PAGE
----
17 And of the rest of the oil that is in his hand shall the priest put upon the tip of the right ear of him that is to be cleansed, and upon the thumb of his right hand, and upon the great toe of his right foot, upon the blood of the guilt-offering. (Leviticus 14:17)
See Leviticus 14:14, 14:25 and 14:28 for other mentions of the blood being placed upon the thumbs and toes of people.

The question becomes: what exactly is happening here, when either one is annointed with oil placed upon one's thumb and toe, or has the blood of one's offering placed upon these digits?

In the case of Aaron and his sons, this marks their inauguration into the priesthood. Placing the blood upon their thumb and toe is part of dedicating them to serve as priests to God and setting them aside as holy.

Similarly, in the case of the leper who has come to bring an offering, placing the oil upon his thumb and toe is part of the cleansing process utilized in making him pure again, and allowing him to rejoin the congregation of God in its full capacity.

In both cases, therefore, placing blood or oil upon one's thumbs and toes is part of the process used in making oneself holy or pure, and setting oneself aside to serve God, whether it be in a special capacity such as that utilized by the priest, or simply as a full devotee, having repented of sin, such as the leper.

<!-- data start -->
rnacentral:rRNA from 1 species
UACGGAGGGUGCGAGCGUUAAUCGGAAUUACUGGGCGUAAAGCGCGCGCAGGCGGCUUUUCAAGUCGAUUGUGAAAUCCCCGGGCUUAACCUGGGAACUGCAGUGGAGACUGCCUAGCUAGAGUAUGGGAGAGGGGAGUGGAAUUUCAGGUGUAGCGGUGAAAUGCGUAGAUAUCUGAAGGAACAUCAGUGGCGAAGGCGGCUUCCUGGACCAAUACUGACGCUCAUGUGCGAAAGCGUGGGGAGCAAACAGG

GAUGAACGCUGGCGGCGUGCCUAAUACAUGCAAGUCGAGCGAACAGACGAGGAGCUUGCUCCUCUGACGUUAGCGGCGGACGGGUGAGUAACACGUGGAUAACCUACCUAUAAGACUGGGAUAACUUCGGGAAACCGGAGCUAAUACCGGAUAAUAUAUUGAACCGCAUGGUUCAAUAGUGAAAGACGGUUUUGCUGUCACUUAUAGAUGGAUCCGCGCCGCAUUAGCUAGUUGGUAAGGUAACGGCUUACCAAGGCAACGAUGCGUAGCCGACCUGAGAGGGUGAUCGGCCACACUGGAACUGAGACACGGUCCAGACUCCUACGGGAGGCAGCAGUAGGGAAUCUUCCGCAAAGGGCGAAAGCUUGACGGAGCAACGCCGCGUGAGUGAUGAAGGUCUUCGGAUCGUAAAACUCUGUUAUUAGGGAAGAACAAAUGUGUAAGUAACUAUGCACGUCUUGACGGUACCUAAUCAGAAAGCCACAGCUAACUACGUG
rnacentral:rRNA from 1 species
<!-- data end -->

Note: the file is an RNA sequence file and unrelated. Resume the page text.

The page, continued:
What, then, was it, that Adoni-Bezek was doing when he chose to torture his captives by cutting off their thumbs and toes? Why, it was simply another form of what occurs by the Eved-Ivri, the Hebrew slave who chooses to serve his master for an additional period of time. An Eved-Ivri has a hole bored into his ear as though to say: "The ear which heard at Sinai that he was to serve God, who is his Master, chose a human master for himself instead!" Similarly, by cutting off his captives' thumbs and toes, Adoni-Bezek proclaimed himself mightier than God. "You desired to set yourselves aside for God, to make yourselves pure and holy? Observe how you have been set aside for me instead, your human master!" While the captives upon whom he inflicted these tortures were not necessarily the Israelites or Jews themselves, the imagery holds fast nonetheless. Doubtless, the other Kings from the various kingdoms had imagined themselves as ruling by the strength of their god or gods; in cutting off their toes and thumbs, Adoni-Bezek divested them of this symbolic power.